The outlook for consumers brightened in June, as economic optimism continues despite a brutal first quarter of the year.
The consumer survey conducted by the University of Michigan and Thomson Reuters reported Friday that consumer sentiment had risen to 82.5 in June. That’s above the 81.9 recorded in May, and generally above economists' expectations.
And that optimism came about despite one of the worst quarters for the economy in years. On Wednesday, the Commerce Department reported the economy shrank by 2.9 percent in the first quarter of the year, a decline not seen since the middle of the recession in 2009.
But the optimism from consumers gives credence to the outlook shared by many economists, which is that this year's sharp decline was driven primarily by a number of one-time events, exacerbated by a brutal winter that kept a lot of economic activity bottled up.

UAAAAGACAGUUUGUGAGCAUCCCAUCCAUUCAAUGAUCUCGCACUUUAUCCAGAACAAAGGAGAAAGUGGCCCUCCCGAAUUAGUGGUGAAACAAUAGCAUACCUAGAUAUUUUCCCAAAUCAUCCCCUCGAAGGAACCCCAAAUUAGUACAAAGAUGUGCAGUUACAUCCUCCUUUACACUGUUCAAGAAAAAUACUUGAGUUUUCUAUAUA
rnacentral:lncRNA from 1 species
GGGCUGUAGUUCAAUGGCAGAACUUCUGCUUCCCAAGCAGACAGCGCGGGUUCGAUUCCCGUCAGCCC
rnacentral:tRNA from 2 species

Consumer spending in the first quarter was up only 1 percent after previously being estimated to have grown at a 3.1 percent rate. That spending climbed 4.4 percent at the end of 2013, but it appears the record-cold temperatures kept many Americans from spending at the beginning of 2014.